Sat 7: Arrived Sydney at 07:10. Uneventful.

Sun to Fri: Alongside G.I. doing short refit. No report of doings ashore.

Sat 14: Left Sydney northward bound for Singapore sailing Oct 15, 16, 17. Arrived Darwin. 09:45, Oct 18 off Cape Flattery, Lizard Island. 19 Oct rounded Cape York at 10:00 today and turned westward. Almost lost paravane in Strait. 20 Oct sea uneventful.

21 Oct: Reached Darwin today and spent a few hours there. Officers the only people who got ashore - Big Bill came back aboard drunk. No inward mail but I managed to get some away to H, BB, & Richmond. Sailed at 4pm for Singapore. After dark I lay on the forecastle for a while just watching the stars and thinking of H and Sydney; some of the glorious nights we spent together before we left for the north. Had to wear Helmets to Divisions for the first time and they had the mike rigged to the type 404-type valve power amplifier gear.

Mon 23: At sea, exercised night action and took second inoculation.

Tue 24: Passed Bali 5:45am. Spent a short time up on deck watching the dolphins and flying fish. British station GYL now good strength on 88.2; nothing else.

Wed 25: At sea calm sunny, nil.

Thu 26: Rained during the middle and morning watches. There was a false alarm at action stations this morning caused by the appearance of a Dutch merchantman.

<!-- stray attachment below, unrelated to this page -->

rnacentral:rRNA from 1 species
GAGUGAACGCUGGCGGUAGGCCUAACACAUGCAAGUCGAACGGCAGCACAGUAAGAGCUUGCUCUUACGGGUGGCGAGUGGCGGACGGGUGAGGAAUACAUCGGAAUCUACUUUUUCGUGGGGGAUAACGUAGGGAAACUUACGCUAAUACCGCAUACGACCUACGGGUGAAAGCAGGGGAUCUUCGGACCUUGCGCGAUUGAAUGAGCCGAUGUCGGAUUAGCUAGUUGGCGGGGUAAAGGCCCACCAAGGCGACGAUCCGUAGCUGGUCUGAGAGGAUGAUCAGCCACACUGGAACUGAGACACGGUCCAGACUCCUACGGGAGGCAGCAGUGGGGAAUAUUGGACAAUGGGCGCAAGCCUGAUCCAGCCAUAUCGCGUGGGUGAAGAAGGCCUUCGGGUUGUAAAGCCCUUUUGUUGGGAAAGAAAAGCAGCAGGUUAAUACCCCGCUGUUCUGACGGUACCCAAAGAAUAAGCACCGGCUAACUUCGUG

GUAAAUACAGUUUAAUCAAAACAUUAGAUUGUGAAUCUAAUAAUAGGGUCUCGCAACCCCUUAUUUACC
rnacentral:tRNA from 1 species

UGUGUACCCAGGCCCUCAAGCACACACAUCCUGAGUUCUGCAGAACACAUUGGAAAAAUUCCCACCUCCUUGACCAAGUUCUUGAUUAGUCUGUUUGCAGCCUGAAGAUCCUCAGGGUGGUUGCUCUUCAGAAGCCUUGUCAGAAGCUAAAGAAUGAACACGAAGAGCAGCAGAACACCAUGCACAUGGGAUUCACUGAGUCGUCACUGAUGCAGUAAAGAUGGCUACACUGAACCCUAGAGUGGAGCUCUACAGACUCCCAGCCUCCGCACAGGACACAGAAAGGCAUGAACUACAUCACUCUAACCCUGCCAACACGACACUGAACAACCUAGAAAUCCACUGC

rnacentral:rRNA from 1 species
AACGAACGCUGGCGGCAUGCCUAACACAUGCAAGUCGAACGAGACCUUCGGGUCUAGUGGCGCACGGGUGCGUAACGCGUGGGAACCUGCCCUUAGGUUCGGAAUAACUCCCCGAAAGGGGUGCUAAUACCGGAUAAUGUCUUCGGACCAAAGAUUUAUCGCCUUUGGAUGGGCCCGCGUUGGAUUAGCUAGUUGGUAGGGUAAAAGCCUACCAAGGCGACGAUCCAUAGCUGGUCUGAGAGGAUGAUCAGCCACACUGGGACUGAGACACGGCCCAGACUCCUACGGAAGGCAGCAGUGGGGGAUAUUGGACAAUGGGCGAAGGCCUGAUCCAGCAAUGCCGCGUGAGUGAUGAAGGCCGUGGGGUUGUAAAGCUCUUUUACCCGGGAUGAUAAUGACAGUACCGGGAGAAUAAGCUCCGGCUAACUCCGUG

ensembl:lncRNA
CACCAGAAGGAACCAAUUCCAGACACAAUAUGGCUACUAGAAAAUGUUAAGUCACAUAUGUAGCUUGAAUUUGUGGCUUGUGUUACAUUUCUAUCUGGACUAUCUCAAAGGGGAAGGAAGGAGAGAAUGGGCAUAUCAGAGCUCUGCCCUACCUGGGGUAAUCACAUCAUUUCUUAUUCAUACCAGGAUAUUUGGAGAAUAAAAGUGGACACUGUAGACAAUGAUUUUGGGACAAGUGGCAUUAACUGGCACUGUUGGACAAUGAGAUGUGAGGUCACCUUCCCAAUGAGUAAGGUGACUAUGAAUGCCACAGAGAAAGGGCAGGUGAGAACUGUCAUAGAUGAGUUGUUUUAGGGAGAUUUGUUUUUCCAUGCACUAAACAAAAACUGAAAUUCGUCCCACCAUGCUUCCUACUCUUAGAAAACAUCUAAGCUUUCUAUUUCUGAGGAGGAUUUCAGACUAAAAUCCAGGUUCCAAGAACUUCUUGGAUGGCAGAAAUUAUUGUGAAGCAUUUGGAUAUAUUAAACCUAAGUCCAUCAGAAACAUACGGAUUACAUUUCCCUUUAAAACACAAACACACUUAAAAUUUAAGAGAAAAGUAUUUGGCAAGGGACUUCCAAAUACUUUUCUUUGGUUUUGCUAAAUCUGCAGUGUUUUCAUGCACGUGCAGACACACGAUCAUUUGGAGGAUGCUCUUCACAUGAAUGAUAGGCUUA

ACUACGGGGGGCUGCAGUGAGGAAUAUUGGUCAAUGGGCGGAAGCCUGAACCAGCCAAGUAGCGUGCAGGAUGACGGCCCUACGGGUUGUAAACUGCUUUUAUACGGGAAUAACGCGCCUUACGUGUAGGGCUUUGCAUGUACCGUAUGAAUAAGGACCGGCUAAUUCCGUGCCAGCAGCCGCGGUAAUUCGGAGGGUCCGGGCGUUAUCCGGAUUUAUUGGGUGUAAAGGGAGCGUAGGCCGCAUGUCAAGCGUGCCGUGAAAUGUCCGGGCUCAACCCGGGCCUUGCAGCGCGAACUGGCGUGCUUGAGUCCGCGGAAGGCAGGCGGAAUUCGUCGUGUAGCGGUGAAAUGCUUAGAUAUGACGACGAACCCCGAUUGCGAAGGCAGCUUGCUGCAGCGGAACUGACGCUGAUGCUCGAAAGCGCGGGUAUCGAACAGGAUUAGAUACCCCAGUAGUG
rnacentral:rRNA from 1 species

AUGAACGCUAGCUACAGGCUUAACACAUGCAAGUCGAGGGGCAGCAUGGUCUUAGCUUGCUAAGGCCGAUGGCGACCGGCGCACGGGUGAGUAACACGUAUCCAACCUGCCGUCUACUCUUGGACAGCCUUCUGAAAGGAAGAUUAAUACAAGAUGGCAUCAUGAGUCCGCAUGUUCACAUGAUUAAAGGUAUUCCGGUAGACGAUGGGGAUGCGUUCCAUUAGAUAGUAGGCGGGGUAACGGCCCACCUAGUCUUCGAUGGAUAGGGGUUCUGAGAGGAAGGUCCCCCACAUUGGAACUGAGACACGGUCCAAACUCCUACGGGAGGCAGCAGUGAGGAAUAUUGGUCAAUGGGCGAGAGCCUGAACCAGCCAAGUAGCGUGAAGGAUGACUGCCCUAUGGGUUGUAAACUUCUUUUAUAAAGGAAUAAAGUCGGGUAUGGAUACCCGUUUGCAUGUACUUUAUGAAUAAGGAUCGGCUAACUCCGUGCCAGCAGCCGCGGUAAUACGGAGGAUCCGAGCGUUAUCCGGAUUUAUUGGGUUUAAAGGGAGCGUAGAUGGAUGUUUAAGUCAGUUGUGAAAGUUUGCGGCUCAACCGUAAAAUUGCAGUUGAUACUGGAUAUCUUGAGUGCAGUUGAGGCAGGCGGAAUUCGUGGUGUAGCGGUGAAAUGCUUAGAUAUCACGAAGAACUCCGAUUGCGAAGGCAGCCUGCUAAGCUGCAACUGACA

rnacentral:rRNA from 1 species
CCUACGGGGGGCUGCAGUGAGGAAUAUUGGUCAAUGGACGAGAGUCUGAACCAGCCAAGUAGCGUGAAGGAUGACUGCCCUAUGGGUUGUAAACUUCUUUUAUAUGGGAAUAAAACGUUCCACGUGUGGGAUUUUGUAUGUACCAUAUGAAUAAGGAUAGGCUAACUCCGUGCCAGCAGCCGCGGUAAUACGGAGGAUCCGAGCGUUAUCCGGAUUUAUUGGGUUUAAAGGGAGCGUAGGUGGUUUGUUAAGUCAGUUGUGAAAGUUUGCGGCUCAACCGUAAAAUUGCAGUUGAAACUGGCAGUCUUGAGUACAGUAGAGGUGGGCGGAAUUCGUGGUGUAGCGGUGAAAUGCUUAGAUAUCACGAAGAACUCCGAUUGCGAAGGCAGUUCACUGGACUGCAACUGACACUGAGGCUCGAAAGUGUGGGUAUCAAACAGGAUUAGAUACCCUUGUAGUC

Crossed the equator at 4:15am this morning. Arrived Singapore at 5pm and secured alongside oiler Apple Leaf. Airmail to Australia 1/9A via Imperial and 2/3 via K.L.M. Ordinary mail to be marked "On Active Service" and sent in special bags.

"The Last Hero" by Leslie Charteris. Another Saint book and very good too. The lights of Johore can be seen just across the strait which at this point is only about 4 hundred yards wide. A viaduct spans it and some of us were hoping to be able to go over and have a look around Malaya but we were prevented by the quarantine. Mumps is the cause. In any case leave would only have been to the canteen.

Fri 27: Off dockyard at anchor, provisioning. etc. Otherwise uneventful. Repairing damage done to aerials last night by Lt.Cdr.Johns and his efficient handling of the crane.

Sat 28: In stores. Left Singapore at 2pm for patrol in vicinity of Sumatra. Expect to return on Nov 5th, Birmingham to keep us company.

Sun 29: Says the press: Admiral Scheer is loose in the Atlantic and Indian Oceans. Uneventful, exercises.

Mon 30: Calm & uneventful.

Tue 31: Informed that pay will be in local currency with sterling value. This brings mine up to a value of 5.16.6A. At 7:45 Walrus amphibian (Pusser's Duck"), insignia A2-23 crashed near the ship on landing. Although on watch at the time I was up on deck soon afterwards to witness the salvage efforts. Extensive damage was done to the forepart of the hull and she was brought alongside upside down. After an unsuccessful attempt to hoist inboard, during which a hawser parted, the job was carried out successfully by attaching wires to catapult points and lifting very slowly on the crane. The plane was inboard by 9pm and as soon as the cutter was hoisted and the 'plane made fast we were again under way.